The Technical University of Denmark has been carrying out research in the energy balance of buildings in relation to indoor climate for decades. The last two decades have seen a major role played by research in the field of Integrated Energy Design (IED) focusing on the earliest design phases. The research has showed that the greatest effect in relation to achieving net-zero-energy buildings is achieved when indoor climate and energy simulation tools are applied from the very first architectural sketches, where geometry, façade design, orientation, etc. are determined. Large architectural offices and engineering consultancies in Scandinavia have invested in software and interdisciplinary design teams to carry out Integrated Energy Design (IED). Legislation has been altered and simulations of indoor climate and energy balance are now required to obtain building permits. IED has been rolled out extensively in the building industry. Having reduced the energy needed to operate the indoor environment to almost zero by designing with knowledge and optimizing systems, the energy needed to construct the building and its systems is now prominent in importance. The CO2 impact of buildings has become an important parameter because sustainability certification systems like the Deutsche Gesellschaft für Nachhaltiges Bauen (DGNB) have taken the lead in Europe. The DGNB system includes Life Cycle Assessment (LCA), and the Danish government has stated that Denmark must be CO2 neutral by 2050. The focus in design is shifting from energy and indoor climate to CO2 impact. The experience from the decades of IED shows that the largest gains in reduction come from the early design phases. LCA in relation to buildings has to include the energy needed to operate the building’s indoor climate as well as the CO2 embodied in the building. This makes the simulations far more complex. LCA thus tends to be placed in the last phases of design and used for certification, so that only a single iteration is needed. However, real-time LCA simulation tools are required if designers are to base design decisions not only on knowledge about indoor climate and energy balance but also on LCA. This paper presents the efforts at DTU’s Department of Civil Engineering to develop a real-time LCA simulation tool, including indoor climate and energy balance simulation (based on Energy +) and the first round of implementing the tool at well-esteemed architectural offices in Scandinavia. The development of the real-time LCA-indoor climate- energy balance tool was funded by Nordic Built.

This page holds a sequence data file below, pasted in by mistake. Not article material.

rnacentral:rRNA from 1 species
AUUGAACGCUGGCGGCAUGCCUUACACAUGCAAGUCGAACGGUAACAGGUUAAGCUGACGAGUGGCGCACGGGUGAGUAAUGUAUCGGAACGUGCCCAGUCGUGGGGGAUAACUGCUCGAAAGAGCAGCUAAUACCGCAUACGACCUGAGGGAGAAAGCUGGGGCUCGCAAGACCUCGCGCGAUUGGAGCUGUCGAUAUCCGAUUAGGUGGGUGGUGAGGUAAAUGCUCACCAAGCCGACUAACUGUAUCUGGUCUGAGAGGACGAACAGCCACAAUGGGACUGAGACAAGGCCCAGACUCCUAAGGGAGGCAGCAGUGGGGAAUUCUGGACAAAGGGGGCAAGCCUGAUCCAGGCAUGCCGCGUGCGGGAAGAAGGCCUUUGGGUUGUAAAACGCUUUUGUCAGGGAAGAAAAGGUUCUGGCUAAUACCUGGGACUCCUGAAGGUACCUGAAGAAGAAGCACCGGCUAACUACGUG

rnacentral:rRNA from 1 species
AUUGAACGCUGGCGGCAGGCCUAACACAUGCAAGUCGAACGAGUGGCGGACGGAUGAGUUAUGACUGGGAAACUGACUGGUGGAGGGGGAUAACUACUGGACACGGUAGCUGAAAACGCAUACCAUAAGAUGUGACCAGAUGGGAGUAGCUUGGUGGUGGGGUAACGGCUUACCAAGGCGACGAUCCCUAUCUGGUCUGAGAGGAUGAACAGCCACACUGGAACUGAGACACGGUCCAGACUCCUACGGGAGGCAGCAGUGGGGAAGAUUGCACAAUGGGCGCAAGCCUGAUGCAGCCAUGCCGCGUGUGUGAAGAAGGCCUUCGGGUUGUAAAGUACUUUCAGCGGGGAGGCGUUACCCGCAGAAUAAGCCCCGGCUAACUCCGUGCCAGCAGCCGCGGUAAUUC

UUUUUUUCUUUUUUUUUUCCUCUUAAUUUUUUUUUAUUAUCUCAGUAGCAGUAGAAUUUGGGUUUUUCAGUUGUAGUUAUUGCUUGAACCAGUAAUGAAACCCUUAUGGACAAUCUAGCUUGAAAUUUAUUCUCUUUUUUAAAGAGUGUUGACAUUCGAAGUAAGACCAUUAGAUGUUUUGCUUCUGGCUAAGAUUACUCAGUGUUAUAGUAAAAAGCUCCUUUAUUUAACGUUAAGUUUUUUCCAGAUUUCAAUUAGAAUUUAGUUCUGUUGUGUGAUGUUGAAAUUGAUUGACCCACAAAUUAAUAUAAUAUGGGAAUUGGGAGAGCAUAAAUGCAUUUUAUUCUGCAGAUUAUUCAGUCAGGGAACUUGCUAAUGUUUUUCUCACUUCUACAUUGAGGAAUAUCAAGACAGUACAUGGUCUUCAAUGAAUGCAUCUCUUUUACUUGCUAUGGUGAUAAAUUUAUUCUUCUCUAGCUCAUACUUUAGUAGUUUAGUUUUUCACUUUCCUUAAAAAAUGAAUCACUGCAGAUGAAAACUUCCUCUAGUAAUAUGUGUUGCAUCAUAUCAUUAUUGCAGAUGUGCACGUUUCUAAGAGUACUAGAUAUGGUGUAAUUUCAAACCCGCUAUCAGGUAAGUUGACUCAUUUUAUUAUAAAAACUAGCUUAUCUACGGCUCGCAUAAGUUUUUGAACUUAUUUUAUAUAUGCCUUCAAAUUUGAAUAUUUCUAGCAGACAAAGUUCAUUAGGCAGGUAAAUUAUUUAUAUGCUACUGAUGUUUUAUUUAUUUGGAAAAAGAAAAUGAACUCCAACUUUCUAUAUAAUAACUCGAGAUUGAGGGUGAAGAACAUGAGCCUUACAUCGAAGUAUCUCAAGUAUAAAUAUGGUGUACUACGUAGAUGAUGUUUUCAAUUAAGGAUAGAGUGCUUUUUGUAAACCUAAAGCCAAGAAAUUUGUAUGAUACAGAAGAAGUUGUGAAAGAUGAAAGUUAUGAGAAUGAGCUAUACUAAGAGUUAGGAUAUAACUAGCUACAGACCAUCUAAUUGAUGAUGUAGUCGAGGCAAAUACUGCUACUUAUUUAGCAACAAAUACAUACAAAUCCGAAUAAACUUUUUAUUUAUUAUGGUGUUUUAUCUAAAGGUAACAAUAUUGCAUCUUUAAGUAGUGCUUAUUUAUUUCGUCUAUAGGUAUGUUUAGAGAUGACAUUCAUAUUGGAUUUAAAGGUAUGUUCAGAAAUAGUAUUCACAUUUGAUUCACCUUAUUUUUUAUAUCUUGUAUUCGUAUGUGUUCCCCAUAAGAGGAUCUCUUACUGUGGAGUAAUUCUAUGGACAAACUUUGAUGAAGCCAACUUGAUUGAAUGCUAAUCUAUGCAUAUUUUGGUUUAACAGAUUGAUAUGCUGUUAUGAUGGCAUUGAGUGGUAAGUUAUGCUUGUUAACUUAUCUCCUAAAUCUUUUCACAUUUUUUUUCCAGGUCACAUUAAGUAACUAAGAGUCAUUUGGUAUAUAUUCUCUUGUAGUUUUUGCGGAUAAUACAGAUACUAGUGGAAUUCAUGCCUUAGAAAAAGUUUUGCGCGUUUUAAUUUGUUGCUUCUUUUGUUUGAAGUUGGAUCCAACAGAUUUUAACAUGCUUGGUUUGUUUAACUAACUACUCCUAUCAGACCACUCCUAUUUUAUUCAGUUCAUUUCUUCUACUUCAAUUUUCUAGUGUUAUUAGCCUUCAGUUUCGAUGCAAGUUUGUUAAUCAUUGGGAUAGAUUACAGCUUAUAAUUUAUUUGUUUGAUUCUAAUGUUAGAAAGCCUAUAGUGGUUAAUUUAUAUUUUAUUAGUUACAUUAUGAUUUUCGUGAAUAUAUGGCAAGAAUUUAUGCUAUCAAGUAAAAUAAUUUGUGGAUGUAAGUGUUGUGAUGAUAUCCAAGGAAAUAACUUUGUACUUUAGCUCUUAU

|Number of pages||8|
|Publication status||Published - 2016|
|Event||2016 ASHRAE Annual Conference - St. Louis, MO, United States|
Duration: 25 Jun 2016 → 29 Jun 2016
|Conference||2016 ASHRAE Annual Conference|
|City||St. Louis, MO|
|Period||25/06/2016 → 29/06/2016|